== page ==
Up Next: Kyron Smithson

Up Next: Kyron Smithson

The main, the myth...

Author: Sarsby Martin
Published: February 27, 2019

Music is one of those generic obstacles we dwindle over through headphones or a car stereo, or choreograph a few summer playlists and attend a few more local gigs in order to give ourselves character. It’s the best. Peers ask you who your favourite musicians are and refuse to take your feedback home because they’ve already decided they’re the pie-in-the-sky from the 110th time they’ve slain ‘ToTo’ by Africa, onwards. They want to define you by how much illicit content you listen to or what era you’d love to be reborn in because of it. I’m not talking about the kind of music every second middle-aged mum listens to in order to relive their youth, nor the artists who milk their satisfaction from making it. 

I’m talking about the music that flips your stomach, tweaks nerves. Music that checks in to whether your soul is still in the hands of the devil and leaves you thinking not just about what your funeral ‘song’ might be but the kind of music your subconscious plays out in your dreams. I pay respect to live music, the music my dad listens to and soundtracks so I can soundtrack everything. I pay more respect to the level of creativity and otherworldly attempts musicians and composers pull-through to relive that ‘feel’ their frontal lobes went through that one time, in just three minutes. We should pay just as much, if not more to those who keep this alive.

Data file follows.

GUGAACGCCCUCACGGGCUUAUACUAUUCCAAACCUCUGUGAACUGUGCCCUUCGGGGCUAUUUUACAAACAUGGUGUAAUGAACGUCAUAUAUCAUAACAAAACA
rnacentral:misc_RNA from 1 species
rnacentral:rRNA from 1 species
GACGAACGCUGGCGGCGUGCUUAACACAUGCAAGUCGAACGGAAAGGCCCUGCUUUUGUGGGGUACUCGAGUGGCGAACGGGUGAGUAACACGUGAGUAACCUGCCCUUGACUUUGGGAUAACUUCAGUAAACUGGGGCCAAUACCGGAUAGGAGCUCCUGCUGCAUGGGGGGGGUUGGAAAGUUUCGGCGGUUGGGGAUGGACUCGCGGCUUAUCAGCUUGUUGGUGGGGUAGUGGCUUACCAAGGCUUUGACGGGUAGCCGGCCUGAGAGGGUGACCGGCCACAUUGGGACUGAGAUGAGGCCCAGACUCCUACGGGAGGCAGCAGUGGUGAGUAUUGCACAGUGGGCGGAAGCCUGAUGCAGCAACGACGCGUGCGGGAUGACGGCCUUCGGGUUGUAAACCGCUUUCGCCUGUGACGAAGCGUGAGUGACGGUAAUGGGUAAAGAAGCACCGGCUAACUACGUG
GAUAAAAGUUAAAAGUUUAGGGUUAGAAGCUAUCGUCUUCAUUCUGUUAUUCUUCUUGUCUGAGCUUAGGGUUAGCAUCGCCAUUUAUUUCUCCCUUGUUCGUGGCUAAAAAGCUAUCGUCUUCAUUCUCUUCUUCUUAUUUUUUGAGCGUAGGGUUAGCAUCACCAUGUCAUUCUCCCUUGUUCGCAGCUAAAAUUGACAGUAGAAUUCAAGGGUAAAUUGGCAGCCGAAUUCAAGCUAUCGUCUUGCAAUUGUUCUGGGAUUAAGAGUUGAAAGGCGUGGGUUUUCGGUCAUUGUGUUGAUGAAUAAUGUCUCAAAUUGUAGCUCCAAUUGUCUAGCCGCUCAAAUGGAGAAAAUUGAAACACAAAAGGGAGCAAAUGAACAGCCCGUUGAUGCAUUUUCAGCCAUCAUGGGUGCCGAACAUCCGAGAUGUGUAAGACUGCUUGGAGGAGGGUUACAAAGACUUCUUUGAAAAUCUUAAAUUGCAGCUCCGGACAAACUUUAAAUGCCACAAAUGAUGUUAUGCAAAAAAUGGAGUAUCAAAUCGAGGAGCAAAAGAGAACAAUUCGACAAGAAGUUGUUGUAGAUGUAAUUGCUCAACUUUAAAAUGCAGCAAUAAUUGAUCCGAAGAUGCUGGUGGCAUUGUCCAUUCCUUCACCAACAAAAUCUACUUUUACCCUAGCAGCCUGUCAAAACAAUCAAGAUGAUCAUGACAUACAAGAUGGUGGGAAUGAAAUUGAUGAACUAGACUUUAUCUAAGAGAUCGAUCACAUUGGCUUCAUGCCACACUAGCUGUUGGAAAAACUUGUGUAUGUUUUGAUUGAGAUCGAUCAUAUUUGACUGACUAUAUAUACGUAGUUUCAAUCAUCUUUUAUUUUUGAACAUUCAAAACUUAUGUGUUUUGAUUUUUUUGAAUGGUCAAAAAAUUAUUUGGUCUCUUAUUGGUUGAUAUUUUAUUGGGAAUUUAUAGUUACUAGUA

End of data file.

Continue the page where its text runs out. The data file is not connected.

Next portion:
We all have quick nicknames for many of our familiar faces in town. ‘Kyza’ swings through a crowded event scene or fanged loudly across the street. Quick, co-ordinated and a nice ring, we find we’ve mastered these two syllables just as well as basic grammar and our ABC’s. Kyron Smithson has pulled his finger out for our community. We are, in a way, in debt to his overwhelming support and unconditional love for every person and their left-hand friend. Speak of the devil he’s standing right in front of me.